No compromise with Qatar and terror: Emirati tycoon

Emirati businessman and commentator Khalaf Ahmad Al-Habtoor, 3rd right, with the panelists at the 4th Open Talk session in Dubai on Wednesday. On extreme left is Arab News Editor in Chief Faisal J. Abbas. (AN photo)
Updated 10 August 2017
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No compromise with Qatar and terror: Emirati tycoon

DUBAI: The Gulf states cannot compromise with terrorism and cannot allow countries such as Qatar to support it, a leading Emirati businessman and commentator said on Wednesday.
“If you support terrorism, you get punished, you are either our friend or foe,” Khalaf Ahmad Al-Habtoor told a discussion forum in Dubai.
“We commend our leaders for their patience with Qatar for more than 20 years, and are waiting for its leaders to get back on the right track. We have to be clear, we are against terrorism and we hope that Qatar comes around to its Khaleeji home.”
The Anti-Terror Quartet, comprising Saudi Arabia, the UAE, Bahrain and Egypt, severed diplomatic relations with Qatar in June and imposed a trade and travel boycott to protest at Doha’s support and funding of extremists.
“The boycott against the Qatari government is not against the Qatari people,” Al-Habtoor said. “We don’t have any evil intentions toward the people. We are not trying to harm them, they are our brothers and our neighbors.”
Al-Habtoor is the founder and chairman of Al-Habtoor group of companies, a conglomerate based in Dubai with interests from engineering and construction to hospitals and hotels. He is also a political commentator and Arab News columnist.
The businessman was speaking at a forum at his company headquarters to discuss the Qatar boycott and the output of the Qatar-owned broadcaster Al Jazeera. The panelists were Faisal J. Abbas, editor in chief of Arab News; Dr. Abdulkhaleq Abdullah, a professor of political science; Dr. Abdullah Al-Mutawa, director of Al Arabiya News in Dubai; Ahmed Al-Jarallah, editor in chief of the Kuwaiti newspapers Arab Times and Al-Seyassah; Dr. Fahd Al-Shelaimi, chairman of the Gulf Forum for Peace and Security; and prominent Egyptian lawyer Khaled Abou Bakr.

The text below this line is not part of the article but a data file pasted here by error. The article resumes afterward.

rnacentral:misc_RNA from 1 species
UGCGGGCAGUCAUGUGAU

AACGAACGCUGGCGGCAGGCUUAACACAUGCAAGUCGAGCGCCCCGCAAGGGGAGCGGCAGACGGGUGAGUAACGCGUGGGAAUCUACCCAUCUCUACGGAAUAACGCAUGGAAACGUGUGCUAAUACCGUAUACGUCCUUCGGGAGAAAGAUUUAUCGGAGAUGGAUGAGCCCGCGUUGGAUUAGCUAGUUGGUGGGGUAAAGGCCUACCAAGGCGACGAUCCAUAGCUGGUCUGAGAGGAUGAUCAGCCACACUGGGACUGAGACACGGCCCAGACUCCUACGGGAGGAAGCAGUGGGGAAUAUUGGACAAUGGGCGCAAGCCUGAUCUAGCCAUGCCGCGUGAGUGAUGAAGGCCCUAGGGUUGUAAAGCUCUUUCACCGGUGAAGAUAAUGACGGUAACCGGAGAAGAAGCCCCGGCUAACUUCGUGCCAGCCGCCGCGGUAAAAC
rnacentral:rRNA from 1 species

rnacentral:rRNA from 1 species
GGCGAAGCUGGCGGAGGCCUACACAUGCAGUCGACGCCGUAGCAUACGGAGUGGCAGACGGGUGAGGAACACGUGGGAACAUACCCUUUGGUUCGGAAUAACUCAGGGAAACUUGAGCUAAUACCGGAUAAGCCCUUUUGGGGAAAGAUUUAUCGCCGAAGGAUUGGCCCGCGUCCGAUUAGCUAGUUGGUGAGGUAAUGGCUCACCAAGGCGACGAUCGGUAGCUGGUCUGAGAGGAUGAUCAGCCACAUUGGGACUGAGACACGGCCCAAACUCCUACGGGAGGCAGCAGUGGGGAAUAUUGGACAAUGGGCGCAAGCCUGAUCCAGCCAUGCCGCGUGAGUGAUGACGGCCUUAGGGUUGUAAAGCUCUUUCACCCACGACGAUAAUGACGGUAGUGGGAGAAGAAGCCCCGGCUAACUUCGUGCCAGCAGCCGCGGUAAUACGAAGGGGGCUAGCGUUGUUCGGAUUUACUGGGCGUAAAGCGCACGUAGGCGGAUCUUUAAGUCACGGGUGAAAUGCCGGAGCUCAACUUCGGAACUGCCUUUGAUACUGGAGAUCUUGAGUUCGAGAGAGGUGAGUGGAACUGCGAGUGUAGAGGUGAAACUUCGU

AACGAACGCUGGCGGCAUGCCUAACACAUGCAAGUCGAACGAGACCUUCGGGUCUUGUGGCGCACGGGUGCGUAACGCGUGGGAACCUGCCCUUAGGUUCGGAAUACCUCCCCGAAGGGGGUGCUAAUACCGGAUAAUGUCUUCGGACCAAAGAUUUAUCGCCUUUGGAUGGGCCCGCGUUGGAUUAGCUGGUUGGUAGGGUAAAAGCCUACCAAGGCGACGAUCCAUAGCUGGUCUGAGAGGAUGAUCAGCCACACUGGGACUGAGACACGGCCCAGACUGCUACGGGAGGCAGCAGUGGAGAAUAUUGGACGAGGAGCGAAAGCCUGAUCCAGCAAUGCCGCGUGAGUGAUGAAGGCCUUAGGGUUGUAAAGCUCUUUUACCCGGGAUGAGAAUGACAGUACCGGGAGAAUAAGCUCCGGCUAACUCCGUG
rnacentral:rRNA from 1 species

“Egypt is the country that suffered the most from Qatar,” Abou Bakr told the forum. “We have shed our own blood because of them. Mothers have lost their sons and this has all been supported by Qatari funds.”
Tarek Al-Zarouni, a former Al Jazeera reporter and the author of “Alone in Al Jazeera,” told the forum via teleconference: “Al Jazeera is Qatar’s Trojan horse, the main supporter of terrorism, shaming Islam by making Yusuf Al-Qaradawi the mufti of the country.
“Al-Qaradawi has a weekly presence on the news channel and he has the Foreign Ministry’s support. He is a symbol of terrorism. We need a strong media apparatus to broadcast facts, a soft power to fight against Al Jazeera.”


Israel gives Bedouin villagers until end of month to leave

Updated 23 September 2018
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Israel gives Bedouin villagers until end of month to leave

  • Israel’s supreme court on September 5 rejected appeals against demolition, allowing authorities to move ahead
  • ‘No one will leave. We will have to be expelled by force’

JERUSALEM: Israeli authorities issued a notice to residents of a Bedouin village in a strategic spot in the occupied West Bank on Sunday informing them they have until the end of the month to leave.
The fate of Khan Al-Ahmar has drawn international concern, with European countries calling on Israel not to move ahead with plans to demolish it.
Israel’s supreme court on September 5 rejected appeals against demolition, allowing authorities to move ahead.
Israel says the village was built without the proper permits, though it is extremely difficult for Palestinians to receive such permission in that part of the West Bank.
The notice given to the some 200 residents of Khan Al-Ahmar on Sunday says they have until the end of the month to demolish the village themselves.
“Pursuant to a supreme court ruling, residents of Khan Al-Ahmar received a notice today requiring them to demolish all the structures on the site by October 1st, 2018,” a statement from the Israeli defense ministry unit that oversees civilian affairs in the West Bank said.
It did not say what will happen if they refuse to do so. Village residents vowed not to leave despite the notice.
“No one will leave. We will have to be expelled by force,” said village spokesman Eid Abu Khamis, adding that a residents’ meeting would be held later on the issue.
“If the Israeli army comes to demolish, it will only be by force.”
The village is located in a strategic spot east of Jerusalem, near Israeli settlements and along a road leading to the Dead Sea.
There have been warnings that continued settlement building in the area would eventually divide the West Bank in two, dealing a death blow to any remaining hopes of a two-state solution.
Israeli authorities have offered alternative sites for Khan Al-Ahmar residents, but villagers say the first was near a rubbish dump and the latest close to a sewage treatment plant.